Tuesday, October 13, 2009

Planting Design

Throughout history planting design has adapted or mirrored the needs of the civilization in which it is used. It is an aspect of the history of gardening as well as the history of landscape architecture.

Planting design in ancient gardens was often medicinal plants mixed with fruits, and vegetables for food and flowers for decoration. Then starting with the Renaissance planting designs moved towards the the aesthetic view of the culture. The two styles which emerged during this period, were formal planting design and naturalistic planting design. These require a knowledge of the culture and ecological setting of the area, as well as a level of horticultural knowledge. The designs were predominantly geometrical (trying to gain some stability in the changing world around them,) and plants were used to form patterns.

Naturalistic planting design originated as early as 200 B.C. in the more eastern areas of the world, namely China, Japan, and India. In the West, the picturesque movement strongly influenced the arrangement of plants in informal groups. These arrangements fit into the landscape garden style.

Planting designs or planting plans now give specific instructions about; size and spacing of plants, plant species to be used, soil preparations needed, and plant maintenance. These plants aid landscape designers, contractors, as well as private owners to develop a design and keep a record of the planting that have been made. Often a planting strategy will be developed to keep track of the long term outlook for the design.

Fundamentals of Planting Design

Plants are the focus of a garden, and as such need to be the main focus of the garden; As opposed to the non-living materials that form the exterior landscape spaces, (i.e. stone, wood,and other hardscape materials.) Plants are extremely dynamic and being such any great design must consider the seasons in which the plants flower and produce fruit, their growth and lifespan, as well as when they reproduce and mature.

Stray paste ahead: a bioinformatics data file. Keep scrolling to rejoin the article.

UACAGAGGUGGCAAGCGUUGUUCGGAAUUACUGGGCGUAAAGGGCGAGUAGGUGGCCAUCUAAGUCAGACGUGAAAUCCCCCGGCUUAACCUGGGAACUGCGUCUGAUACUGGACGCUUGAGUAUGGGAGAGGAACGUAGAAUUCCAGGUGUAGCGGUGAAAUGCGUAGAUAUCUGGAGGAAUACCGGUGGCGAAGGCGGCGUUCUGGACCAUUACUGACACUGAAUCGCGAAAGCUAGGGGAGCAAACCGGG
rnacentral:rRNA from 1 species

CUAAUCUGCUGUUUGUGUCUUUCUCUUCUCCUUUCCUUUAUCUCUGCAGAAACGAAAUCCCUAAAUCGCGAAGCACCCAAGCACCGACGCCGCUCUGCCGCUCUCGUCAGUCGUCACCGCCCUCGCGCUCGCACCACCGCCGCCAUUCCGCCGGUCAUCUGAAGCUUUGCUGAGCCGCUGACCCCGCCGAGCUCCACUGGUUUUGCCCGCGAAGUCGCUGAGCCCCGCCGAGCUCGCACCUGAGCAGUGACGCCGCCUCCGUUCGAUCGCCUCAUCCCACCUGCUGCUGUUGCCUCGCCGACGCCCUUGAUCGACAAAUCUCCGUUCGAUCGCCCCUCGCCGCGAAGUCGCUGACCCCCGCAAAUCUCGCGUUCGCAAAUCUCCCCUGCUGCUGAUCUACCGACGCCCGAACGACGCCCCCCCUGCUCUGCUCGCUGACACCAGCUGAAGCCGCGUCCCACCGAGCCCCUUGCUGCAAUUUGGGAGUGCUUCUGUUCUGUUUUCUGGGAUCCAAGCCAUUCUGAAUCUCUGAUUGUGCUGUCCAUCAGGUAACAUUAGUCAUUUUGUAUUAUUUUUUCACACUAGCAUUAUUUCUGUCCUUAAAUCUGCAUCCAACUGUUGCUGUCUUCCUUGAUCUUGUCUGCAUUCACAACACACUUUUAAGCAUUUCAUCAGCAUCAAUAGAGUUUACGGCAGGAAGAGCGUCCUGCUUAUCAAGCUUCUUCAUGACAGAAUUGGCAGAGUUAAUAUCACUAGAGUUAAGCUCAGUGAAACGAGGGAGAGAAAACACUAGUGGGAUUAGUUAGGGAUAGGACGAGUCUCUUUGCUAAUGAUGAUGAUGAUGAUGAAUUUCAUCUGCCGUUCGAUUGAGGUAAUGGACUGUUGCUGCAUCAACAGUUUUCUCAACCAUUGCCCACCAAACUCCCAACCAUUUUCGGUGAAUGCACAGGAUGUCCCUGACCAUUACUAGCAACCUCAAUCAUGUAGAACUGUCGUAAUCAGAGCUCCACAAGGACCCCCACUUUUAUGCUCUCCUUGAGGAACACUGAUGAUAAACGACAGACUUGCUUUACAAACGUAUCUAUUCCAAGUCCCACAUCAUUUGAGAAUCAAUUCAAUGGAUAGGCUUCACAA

The types of plants we choose and how they are arranged must satisfy both the function and purpose of the garden. Planting design is used to harmonize and accent the elements, materials, and qualities of a site; and a good planting design creates the feeling of nature or makes each plant appear as if they belong. It also allows us to experience nature on different levels.

For more information on planting design, and its principles: Planting Design Illustrated by Gang Chen.


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I just wanted to take a moment to send a personal message out to all those in the fields of Landscape Architecture, Gardening, Horticulture, and Urban Planning/Urban Ecology. I created Landscape Connections for the purpose to share my love and passion for Landscape Architecture and Design, and Urban Ecology. I was a Landscape Architecture Major at Utah State University and currently study Urban Ecology at the University of Utah. I am working to compile as much information in the four previously mentioned fields as possible. If you have any further information, or would like to either add information or see information posted to landscape connections please let me know.